Sue Ryder is calling on the government to introduce two weeks statutory paid bereavement leave for all UK employees for the loss of close relative or partner after research shows workplace grief costs the UK economy £23 billion per year*
- 7.9 million people in employment (24% of all employees**) experienced a bereavement in the last 12 months
- Grief experienced by employees who have lost a loved one costs the UK economy £23bn a year and costs HM Treasury nearly £8bn a year ; through reduced tax revenues and increased use of NHS and social care resources; according to economic research commissioned by Sue Ryder*.
- Most of the negative economic impact arises from grieving employees being unable to work at their normal levels of productivity while they deal with the mental, physical, and financial impacts of a bereavement.
- Sue Ryder is urging people to support its campaign on bereavement leave, and contact their local MP to ensure the government includes statutory paid bereavement leave in the upcoming Employment Bill.
Currently, in the UK there is no legal requirement for employers to grant bereavement leave, except for parents who have lost a child under 18 years old.
Sue Ryder research* suggests that investing in adequate bereavement leave and support may result in initial short-term costs. However, this could lead to a significant saving for the UK economy and the treasury in the long-term, through reduced staff absence, higher employee productivity and a lesser reliance on the health and benefits system post-bereavement. As a result, the charity is now calling on the government to introduce a statutory two weeks bereavement leave for the loss of a close relative or partner.
The grief that follows a bereavement may include difficult and unexpected emotions, from shock or anger to disbelief, guilt, and profound sadness. Intense grief can lead to loss of sleep and appetite, an inability to think clearly and in the most extreme cases, can lead to mental health conditions such as depression, eating disorders, anxiety and Post Traumatic Stress Disorder (PTSD).
Research shows*** that low income workers are at higher risk of experiencing persistent grief, not only because of the relatively higher impact of financial losses post-bereavement, but because they face more barriers in accessing appropriate services and information to help them cope with grief. Sue Ryder’s research and anecdotal evidence highlighted that the security of knowing that they are being given paid leave, without concerns of how they are being perceived or possibly penalised by employers, can give people the time and space to come to terms with their loss.
Sue Ryder believes that introducing statutory paid bereavement leave to all UK employees, would alleviate at least some of the pressure that people feel in the immediate aftermath of a bereavement and this would particularly benefit people in low income jobs.
Heidi Travis, Chief Executive at Sue Ryder, said:
“For many people, grief can be debilitating and additional stressors such as work, can feel overwhelming.
“Currently many employers offer three to five days compassionate leave, but lower income workers in less secure jobs often don’t have access to any leave.
“Sue Ryder is calling on the government to introduce two weeks statutory paid bereavement leave when a person is grieving the loss of any close relative or partner. This will allow people a crucial period of time to start processing their grief.
“Not only would this improve how, as a society, we approach an issue that will affect almost all of us, but it would also address the financial impacts of unresolved grief, and its cost to the economy.”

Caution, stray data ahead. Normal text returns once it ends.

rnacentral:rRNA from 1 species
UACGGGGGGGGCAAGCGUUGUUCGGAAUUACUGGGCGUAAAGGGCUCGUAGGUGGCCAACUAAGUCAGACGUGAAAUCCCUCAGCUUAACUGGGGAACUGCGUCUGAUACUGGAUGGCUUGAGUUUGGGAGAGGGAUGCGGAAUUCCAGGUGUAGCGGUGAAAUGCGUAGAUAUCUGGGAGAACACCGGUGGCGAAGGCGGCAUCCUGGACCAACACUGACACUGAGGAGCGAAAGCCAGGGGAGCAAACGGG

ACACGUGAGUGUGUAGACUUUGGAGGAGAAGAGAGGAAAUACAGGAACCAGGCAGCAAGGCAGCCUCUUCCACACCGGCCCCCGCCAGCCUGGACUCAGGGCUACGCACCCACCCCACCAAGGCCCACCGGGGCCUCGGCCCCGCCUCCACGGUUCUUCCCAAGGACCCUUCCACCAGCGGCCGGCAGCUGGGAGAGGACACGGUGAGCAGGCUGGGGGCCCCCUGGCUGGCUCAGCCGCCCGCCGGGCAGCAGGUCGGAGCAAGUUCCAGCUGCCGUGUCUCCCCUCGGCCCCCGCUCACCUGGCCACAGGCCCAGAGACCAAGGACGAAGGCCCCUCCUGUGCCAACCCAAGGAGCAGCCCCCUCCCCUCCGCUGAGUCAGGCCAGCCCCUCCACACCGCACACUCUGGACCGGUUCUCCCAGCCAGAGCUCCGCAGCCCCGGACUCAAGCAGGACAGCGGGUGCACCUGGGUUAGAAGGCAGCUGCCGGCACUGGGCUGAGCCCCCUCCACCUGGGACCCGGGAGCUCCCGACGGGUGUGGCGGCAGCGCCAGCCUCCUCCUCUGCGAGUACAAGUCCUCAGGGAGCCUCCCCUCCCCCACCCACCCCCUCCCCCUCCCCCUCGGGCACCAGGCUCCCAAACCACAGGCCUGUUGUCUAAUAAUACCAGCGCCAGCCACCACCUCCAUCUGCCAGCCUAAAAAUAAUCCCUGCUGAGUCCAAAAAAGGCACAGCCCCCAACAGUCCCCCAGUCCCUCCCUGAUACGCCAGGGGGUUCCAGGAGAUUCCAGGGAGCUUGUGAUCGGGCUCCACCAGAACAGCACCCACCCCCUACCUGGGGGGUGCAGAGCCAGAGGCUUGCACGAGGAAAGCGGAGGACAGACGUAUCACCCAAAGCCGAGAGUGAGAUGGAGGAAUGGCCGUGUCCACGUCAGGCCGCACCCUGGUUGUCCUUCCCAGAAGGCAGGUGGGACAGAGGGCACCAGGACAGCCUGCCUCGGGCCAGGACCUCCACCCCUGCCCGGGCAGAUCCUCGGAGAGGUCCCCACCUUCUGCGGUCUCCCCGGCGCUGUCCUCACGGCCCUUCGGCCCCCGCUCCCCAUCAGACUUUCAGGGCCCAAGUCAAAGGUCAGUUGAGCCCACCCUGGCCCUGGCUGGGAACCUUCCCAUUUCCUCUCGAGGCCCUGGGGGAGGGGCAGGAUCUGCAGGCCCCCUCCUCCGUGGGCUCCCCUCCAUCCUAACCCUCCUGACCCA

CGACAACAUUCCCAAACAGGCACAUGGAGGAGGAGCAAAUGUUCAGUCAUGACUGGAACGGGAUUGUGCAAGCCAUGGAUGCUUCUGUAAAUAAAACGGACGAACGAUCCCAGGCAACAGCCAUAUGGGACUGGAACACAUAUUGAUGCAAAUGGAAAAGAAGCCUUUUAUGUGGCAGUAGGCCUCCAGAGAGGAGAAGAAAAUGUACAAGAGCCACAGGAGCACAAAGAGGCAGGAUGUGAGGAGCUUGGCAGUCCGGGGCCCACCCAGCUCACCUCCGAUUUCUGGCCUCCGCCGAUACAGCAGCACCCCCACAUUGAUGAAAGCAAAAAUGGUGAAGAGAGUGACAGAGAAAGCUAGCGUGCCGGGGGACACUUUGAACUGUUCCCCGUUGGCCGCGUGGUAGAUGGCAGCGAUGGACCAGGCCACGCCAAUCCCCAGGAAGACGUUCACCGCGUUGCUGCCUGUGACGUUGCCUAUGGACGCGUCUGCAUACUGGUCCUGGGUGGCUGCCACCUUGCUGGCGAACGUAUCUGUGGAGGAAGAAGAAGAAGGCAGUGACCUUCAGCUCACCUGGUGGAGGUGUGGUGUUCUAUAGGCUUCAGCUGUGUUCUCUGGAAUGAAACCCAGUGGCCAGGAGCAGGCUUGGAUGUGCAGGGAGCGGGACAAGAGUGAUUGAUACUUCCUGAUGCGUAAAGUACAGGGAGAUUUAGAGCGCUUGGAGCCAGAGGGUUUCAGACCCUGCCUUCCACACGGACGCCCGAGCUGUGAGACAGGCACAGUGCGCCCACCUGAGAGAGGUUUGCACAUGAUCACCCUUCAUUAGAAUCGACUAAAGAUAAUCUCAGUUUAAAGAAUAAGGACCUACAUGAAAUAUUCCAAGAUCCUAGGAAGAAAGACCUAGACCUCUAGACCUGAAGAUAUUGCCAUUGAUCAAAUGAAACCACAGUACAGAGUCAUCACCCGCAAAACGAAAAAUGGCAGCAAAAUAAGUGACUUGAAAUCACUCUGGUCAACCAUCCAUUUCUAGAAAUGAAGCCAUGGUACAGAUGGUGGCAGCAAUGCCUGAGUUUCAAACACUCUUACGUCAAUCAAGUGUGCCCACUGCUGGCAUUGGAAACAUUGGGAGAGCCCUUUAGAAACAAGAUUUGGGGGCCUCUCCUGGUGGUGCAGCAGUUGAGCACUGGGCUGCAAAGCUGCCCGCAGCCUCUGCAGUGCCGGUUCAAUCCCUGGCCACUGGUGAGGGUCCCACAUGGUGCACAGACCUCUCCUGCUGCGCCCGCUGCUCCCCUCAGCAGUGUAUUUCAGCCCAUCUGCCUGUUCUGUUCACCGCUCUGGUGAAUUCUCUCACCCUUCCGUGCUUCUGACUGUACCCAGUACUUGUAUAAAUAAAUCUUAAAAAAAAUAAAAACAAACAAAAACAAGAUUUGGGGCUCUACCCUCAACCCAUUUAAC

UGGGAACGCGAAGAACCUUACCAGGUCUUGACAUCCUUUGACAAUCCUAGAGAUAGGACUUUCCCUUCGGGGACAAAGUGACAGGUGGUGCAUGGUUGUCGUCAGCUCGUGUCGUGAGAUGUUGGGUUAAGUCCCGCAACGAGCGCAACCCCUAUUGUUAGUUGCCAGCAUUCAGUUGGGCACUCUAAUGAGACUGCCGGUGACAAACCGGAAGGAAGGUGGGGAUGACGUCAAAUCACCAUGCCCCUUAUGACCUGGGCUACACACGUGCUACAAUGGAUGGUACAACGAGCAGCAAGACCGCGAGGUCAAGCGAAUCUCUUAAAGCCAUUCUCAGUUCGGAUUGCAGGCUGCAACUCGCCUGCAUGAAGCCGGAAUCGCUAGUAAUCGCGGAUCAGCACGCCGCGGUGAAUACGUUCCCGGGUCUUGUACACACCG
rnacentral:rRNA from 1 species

An anonymous user of Sue Ryder’s bereavement services, said:
“I felt pushed to go back to work before I was ready and I want it to be better for other people. One size doesn’t fit all in the case of grief and a lot of people are suffering unnecessarily.”
Debbie Abrahams, MP for Oldham East and Saddleworth and member of the Work and Pensions Select Committee, added:
“The coronavirus pandemic has cast a spotlight on the urgent need to better support people who are dealing with grief. Introducing a statutory right to two weeks paid bereavement leave would be a significant step forward. This would mean that people who are in the immediate aftermath of a loved one’s death do not need to worry about work and are not put under any pressure to return to work.
“I’ve heard too many stories from people who’ve felt obliged to return to work straight after the death of someone close to them, when they simply weren’t ready. Introducing this simple measure would be a concrete way that both the government and employers can better support people who are grieving.”
Sue Ryder provides a range of online bereavement support, including free video counselling delivered through trained bereavement counsellors; an online community forum offering 24-hour peer to peer support and a wide range of advice and resources for people who are grieving or supporting someone through bereavement.
* – Sue Ryder commissioned an economist in September 2020 to conduct a literature review of current research.
** – Additional research was commissioned with a survey conducted by Censuswide in September 2020 surveying 1,000 working age adults, 1,000 Scottish working age adults and 500 bereaved people of working age in the last 12 months.
*** – Newsom, C., Stroebe, M. S., Schut, H., Wilson, S., Birrell, J., Moerbeek, M., & Eisma, M. C. (2019). Community-based counselling reaches and helps bereaved people living in low-income households.
Psychotherapy research, 29(4), 479-491. https://doi.org/10.1080/10503307.2017.1377359
Add your voice
Add your voice to support our call for two weeks of statutory paid bereavement leave for all: sueryder.org/bereavementleave
Source: Sue Ryder Organisation website/news & Hunts Post